“Is content marketing the right choice for my business?” you might wonder. Content marketing isn’t just one of those trends that come and go in the marketing world. It’s an essential ingredient in marketing success in the digital universe.
With a wealth of information at their fingertips, today’s customers come to their buying decisions with a healthy dose of skepticism. In fact, you’re probably reading this article with a skeptical mindset. After all, it appears on a content marketing agency’s blog, right?
However, there are three critical drivers in buying decisions.
Content marketing checks off all three boxes. And with more people online than ever before, a multi-channel content strategy is a must to capture the lion’s share of your target market.
Content marketing works whether yours is a startup, a small-to-medium-sized business, or a multi-national enterprise. Both business-to-business (B2B) and business-to-consumer (B2C) brands find major success when they build their marketing strategy around content. And, for highly technical or niche markets, quality content is almost a must.
Small business owners have to wear a lot of hats. Most of them have a hands-on grasp of their industry.
Content marketing allows them to showcase their expertise, building customer trust and industry authority. That’s especially true if they’re in a niche market or concentrate on their local area.
Teaching customers how to get the most out of your product and services with content marketing is a budget-friendly way to build customer trust. In fact, a large majority of your target customers will likely prefer learning about a brand through informative content.
Use email newsletters to keep in touch with current customers, providing them with content that can drive customer retention and loyalty. Using email segmentation, send prospects helpful content that will build their trust in your expertise. When they’re ready to buy, they’ll likely choose your business.
Even startups can get in on the ground floor of their field through content marketing. As search engine optimization (SEO) giant Moz puts it, content builds a “strong brand awareness” in your audience. Leveraging that brand awareness to engage with customers and prospects in social media conversations allows you to demonstrate what your expertise can do to help them solve problems and grow their businesses.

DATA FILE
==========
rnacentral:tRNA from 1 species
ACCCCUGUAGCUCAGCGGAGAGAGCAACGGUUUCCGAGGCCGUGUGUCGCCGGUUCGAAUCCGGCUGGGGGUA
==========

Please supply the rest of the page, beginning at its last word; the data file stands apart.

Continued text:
For decades upon decades, the world’s largest corporations depended on slick print ads and clever commercials to get across their messages. However, with the rise of newcomers, particularly in eCommerce and the tech sector, legacy enterprises need to shift their communication strategy into the digital space to compete.
Those large companies who have embraced content marketing have provided formidable competition to the upstart newcomers. Chief among them is IBM, who only a couple of decades ago was on the ropes.
With industry-leading blog posts, videos, and LinkedIn social media pieces, the company has once again positioned itself on the leading edge of technology firms. It’s not alone. Bank of America, John Deere, and the prestigious Cleveland Clinic have used content to bridge their illustrious heritage with a 21-century multi-channel content strategy.
Newer companies, such as Salesforce, IKEA, and Home Depot, too, use problem-solving blogs, design ideas, and DIY advice to maintain their position as industry leaders.
As I mentioned earlier, even number-crunching business decision-makers appreciate content that pulls at their heartstrings. Paired with personalized messaging that helps them see the logic of doing business with your company, B2B content can make that head-heart connection that drives trust.